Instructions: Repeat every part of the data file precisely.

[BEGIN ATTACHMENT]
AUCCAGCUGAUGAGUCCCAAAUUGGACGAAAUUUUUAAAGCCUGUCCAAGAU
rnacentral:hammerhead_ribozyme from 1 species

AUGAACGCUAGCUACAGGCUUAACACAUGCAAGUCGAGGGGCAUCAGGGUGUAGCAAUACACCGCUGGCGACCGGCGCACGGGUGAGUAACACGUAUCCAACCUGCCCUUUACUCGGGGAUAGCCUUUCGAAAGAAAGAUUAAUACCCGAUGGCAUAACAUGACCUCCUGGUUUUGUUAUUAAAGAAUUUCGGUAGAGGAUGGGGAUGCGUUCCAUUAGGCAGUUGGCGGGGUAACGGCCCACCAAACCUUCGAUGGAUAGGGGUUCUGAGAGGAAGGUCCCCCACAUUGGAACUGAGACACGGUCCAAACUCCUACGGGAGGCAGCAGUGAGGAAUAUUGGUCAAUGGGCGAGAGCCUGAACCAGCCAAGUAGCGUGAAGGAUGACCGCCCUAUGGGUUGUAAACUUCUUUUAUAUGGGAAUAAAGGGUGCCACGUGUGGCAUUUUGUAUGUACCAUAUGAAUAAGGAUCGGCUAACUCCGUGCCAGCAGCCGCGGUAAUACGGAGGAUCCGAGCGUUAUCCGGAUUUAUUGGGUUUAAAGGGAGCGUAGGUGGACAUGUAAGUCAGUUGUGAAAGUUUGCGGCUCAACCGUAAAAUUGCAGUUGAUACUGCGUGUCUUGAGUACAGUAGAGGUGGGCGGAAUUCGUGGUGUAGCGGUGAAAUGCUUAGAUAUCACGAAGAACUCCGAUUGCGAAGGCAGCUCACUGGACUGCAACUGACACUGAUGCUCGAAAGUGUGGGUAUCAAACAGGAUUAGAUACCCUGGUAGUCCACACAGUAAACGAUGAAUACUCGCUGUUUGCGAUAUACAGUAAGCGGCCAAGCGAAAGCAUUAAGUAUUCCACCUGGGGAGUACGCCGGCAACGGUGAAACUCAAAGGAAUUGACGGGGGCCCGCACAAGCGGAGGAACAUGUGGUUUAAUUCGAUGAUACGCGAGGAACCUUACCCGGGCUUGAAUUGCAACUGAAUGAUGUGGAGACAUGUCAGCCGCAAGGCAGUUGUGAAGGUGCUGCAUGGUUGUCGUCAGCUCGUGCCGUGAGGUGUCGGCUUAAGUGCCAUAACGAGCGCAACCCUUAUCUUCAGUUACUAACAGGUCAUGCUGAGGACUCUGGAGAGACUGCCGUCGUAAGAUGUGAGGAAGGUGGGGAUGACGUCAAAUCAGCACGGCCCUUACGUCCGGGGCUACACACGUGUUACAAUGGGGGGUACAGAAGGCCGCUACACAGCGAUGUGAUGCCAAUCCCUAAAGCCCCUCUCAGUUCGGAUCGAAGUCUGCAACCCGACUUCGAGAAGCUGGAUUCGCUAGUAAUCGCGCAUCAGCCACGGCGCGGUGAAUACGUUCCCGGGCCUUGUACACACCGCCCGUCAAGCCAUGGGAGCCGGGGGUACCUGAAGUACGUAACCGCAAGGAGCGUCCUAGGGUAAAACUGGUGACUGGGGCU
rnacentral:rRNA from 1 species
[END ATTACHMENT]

AUCCAGCUGAUGAGUCCCAAAUUGGACGAAAUUUUUAAAGCCUGUCCAAGAU
rnacentral:hammerhead_ribozyme from 1 species

AUGAACGCUAGCUACAGGCUUAACACAUGCAAGUCGAGGGGCAUCAGGGUGUAGCAAUACACCGCUGGCGACCGGCGCACGGGUGAGUAACACGUAUCCAACCUGCCCUUUACUCGGGGAUAGCCUUUCGAAAGAAAGAUUAAUACCCGAUGGCAUAACAUGACCUCCUGGUUUUGUUAUUAAAGAAUUUCGGUAGAGGAUGGGGAUGCGUUCCAUUAGGCAGUUGGCGGGGUAACGGCCCACCAAACCUUCGAUGGAUAGGGGUUCUGAGAGGAAGGUCCCCCACAUUGGAACUGAGACACGGUCCAAACUCCUACGGGAGGCAGCAGUGAGGAAUAUUGGUCAAUGGGCGAGAGCCUGAACCAGCCAAGUAGCGUGAAGGAUGACCGCCCUAUGGGUUGUAAACUUCUUUUAUAUGGGAAUAAAGGGUGCCACGUGUGGCAUUUUGUAUGUACCAUAUGAAUAAGGAUCGGCUAACUCCGUGCCAGCAGCCGCGGUAAUACGGAGGAUCCGAGCGUUAUCCGGAUUUAUUGGGUUUAAAGGGAGCGUAGGUGGACAUGUAAGUCAGUUGUGAAAGUUUGCGGCUCAACCGUAAAAUUGCAGUUGAUACUGCGUGUCUUGAGUACAGUAGAGGUGGGCGGAAUUCGUGGUGUAGCGGUGAAAUGCUUAGAUAUCACGAAGAACUCCGAUUGCGAAGGCAGCUCACUGGACUGCAACUGACACUGAUGCUCGAAAGUGUGGGUAUCAAACAGGAUUAGAUACCCUGGUAGUCCACACAGUAAACGAUGAAUACUCGCUGUUUGCGAUAUACAGUAAGCGGCCAAGCGAAAGCAUUAAGUAUUCCACCUGGGGAGUACGCCGGCAACGGUGAAACUCAAAGGAAUUGACGGGGGCCCGCACAAGCGGAGGAACAUGUGGUUUAAUUCGAUGAUACGCGAGGAACCUUACCCGGGCUUGAAUUGCAACUGAAUGAUGUGGAGACAUGUCAGCCGCAAGGCAGUUGUGAAGGUGCUGCAUGGUUGUCGUCAGCUCGUGCCGUGAGGUGUCGGCUUAAGUGCCAUAACGAGCGCAACCCUUAUCUUCAGUUACUAACAGGUCAUGCUGAGGACUCUGGAGAGACUGCCGUCGUAAGAUGUGAGGAAGGUGGGGAUGACGUCAAAUCAGCACGGCCCUUACGUCCGGGGCUACACACGUGUUACAAUGGGGGGUACAGAAGGCCGCUACACAGCGAUGUGAUGCCAAUCCCUAAAGCCCCUCUCAGUUCGGAUCGAAGUCUGCAACCCGACUUCGAGAAGCUGGAUUCGCUAGUAAUCGCGCAUCAGCCACGGCGCGGUGAAUACGUUCCCGGGCCUUGUACACACCGCCCGUCAAGCCAUGGGAGCCGGGGGUACCUGAAGUACGUAACCGCAAGGAGCGUCCUAGGGUAAAACUGGUGACUGGGGCU
rnacentral:rRNA from 1 species